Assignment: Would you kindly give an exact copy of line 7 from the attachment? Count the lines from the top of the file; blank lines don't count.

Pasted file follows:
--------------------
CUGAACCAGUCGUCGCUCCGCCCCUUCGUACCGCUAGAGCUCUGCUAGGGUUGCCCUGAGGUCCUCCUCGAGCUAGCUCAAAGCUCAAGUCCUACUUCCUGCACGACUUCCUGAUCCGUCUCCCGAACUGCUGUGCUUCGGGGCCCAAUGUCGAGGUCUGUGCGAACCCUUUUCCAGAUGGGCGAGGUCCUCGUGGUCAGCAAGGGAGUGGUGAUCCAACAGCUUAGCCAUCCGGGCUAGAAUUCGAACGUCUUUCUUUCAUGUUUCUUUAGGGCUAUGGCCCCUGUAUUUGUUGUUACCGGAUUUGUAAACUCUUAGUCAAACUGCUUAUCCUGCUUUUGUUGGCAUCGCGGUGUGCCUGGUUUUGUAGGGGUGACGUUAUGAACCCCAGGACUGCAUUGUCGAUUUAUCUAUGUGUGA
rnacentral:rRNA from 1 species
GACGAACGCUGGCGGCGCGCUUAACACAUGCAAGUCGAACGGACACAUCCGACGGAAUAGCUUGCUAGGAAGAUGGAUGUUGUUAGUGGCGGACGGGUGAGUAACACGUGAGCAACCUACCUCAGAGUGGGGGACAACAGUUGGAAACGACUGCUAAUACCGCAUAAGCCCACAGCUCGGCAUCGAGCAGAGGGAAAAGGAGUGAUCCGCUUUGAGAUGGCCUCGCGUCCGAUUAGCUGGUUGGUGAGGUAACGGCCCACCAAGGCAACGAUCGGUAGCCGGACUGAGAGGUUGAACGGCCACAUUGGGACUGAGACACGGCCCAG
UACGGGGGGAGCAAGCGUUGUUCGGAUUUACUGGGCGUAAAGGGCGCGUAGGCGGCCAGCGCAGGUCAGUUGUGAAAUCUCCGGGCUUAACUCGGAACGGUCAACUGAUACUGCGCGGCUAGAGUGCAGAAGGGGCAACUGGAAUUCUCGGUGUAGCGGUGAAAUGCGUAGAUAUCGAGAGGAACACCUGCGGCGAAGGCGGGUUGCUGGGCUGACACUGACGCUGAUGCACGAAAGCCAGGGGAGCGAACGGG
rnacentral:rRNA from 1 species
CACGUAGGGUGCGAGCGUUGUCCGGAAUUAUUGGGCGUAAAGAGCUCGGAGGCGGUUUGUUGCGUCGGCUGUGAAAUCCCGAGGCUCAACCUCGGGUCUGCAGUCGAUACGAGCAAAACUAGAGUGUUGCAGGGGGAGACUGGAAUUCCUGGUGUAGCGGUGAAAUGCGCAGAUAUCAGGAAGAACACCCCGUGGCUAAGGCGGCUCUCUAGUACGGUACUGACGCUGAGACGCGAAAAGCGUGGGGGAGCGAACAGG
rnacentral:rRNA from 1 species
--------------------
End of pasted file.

rnacentral:rRNA from 1 species